Presentation on theme: "Capital Grant Allocation Wind Up By: Financial Analysis and Accountability Branch Date: September 2010."— Presentation transcript:
Capital Grant Allocation Wind Up By: Financial Analysis and Accountability Branch Date: September 2010
1 Purpose To provide an update on changes on capital funding leading to implementation of the Capital Wrap Up template
2 Background The Pupil Accommodation Grant (PAG) was one of three major components of the funding model when introduced in 1998 PAG’s main purpose was to construct new schools and / or construct new additions – key component was the New Pupil Places (NPP) grant NPP Funding was triggered where enrolment exceeded capacity on a board-wide basis This funding was then smoothed over 25 years. This was a very effective mechanism for its time since capital was not amortized and budget compliance was on a modified cash basis. Boards typically long-term financed the capital construction costs and repaid the debt with the 25 year grant allocation stream. Worked well for boards with enrolment growth
3 Background Adjustments have been made to the model in recognition that it did not address all school board realities when only looking at enrolment vs. capacity on a board-wide basis. Capital grants have been supporting debt of sector (related to NPP, GPL Renewal and other GPL programs) in excess of $8B. These include: −Permanently financed debt (non-OFA) −Permanently financed debt (OFA) −Non-permanently financed debt
4 Rationale for Change Funding model no longer generating building $ for most boards: Most boards are experiencing declining enrolment (model works best for boards with continual growth) The grant is used mainly for debt support, with very little being generated to support new schools or additions Complicated model Funding is variable based on a forecast of enrolment, which has to support fixed costs Model was introduced at a time of using modified cash basis but the accounting standard is now PSAB. Boards are bringing their tangible capital assets onto their books and deferred capital contributions reporting is introduced for 2010-11. A simplified model is needed.
Capital Wrap -Up The ministry received approval to proceed with the wrap-up of the capital grant allocation model in February 2010 NPP, GPL, and the approved pre-1998 permanently financed capital debt will be wrapped up through a one-time grant that recognizes all the existing capital debt as of August 31, 2010, on approved capital expenditures. This grant will be flowed to boards over the remaining term of their existing capital debt instruments. The implementation involves: Determination of the current capital debt of the sector that will be supported through grants Determination of the pupil accommodation reserves that will be recovered through a grants offset To calculate the above, a template (Capital Wrap Up template - CWT) has been provided to boards as part of the 2010-11 estimates. Information in the CWT will be subject to specified audit procedures report by the external auditor.
6 Legislation Changes The Ministry has made changes to the 2009-10 and 2010-11 GSN to implement the wrap up through: A grant that recognizes the principal debt up front, while cash will still flow to match debt payments. This creates a significant one-time appropriation and payable in the government books. 2009-10 GSN Regulation Changes New section (section 57.1 – Capital debt), determines capital debt (net of reserves) that will be recognized for grant purposes Section 8 – Payments, has been amended to allow for payments of the capital debt grant over the remaining debt schedule Section 13 – Grants, has been amended to include the capital debt grant 2010-11 GSN Regulation implements capital funding entitlement based on projects/or program expenditures rather than on a 25 year long term financing approach. *This excludes administrative buildings, childcare spaces and land costs that are EDC’able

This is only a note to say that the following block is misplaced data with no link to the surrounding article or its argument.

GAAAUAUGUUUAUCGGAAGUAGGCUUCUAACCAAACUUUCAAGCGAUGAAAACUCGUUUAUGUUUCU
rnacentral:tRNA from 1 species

7 Printed Estimates The 2010-11 Printed Estimates for the Government of Ontario reflect an appropriation of $8.6B: *This excludes administrative buildings, childcare spaces and land costs that are EDC’able VoteProgramEstimates 2010- 11 Estimates 2009- 10 1002Capital Expense – Elementary and Secondary Education Program $8,649.5M$235.2M
8 Unsupported Debt Review of capital projects and related debt of school boards through the CWT determines projects/capital debt that are not supported through capital programs, such as: EDC projects Projects supported through school renewal grant (as well as any operating grants) School boards have encumbered future school renewal grants totalling approximately $350M There are 3 main reasons for why boards encumbered renewal: Undertaking retrofit projects in anticipation of operating costs going down in the future Cost over-runs on NPP projects Boards who are not NPP eligible that still wanted to undertake new school construction
9 Reserves Consistent with picking up the school boards’ capital related debt, the ministry will recover NPP related funding provided to boards that are in reserves (Internal reserves or deferred revenue) This reserve was set aside by boards for future debt repayment which no longer exists as the Province will cash flow to the board an annual amount to support their debt repayments.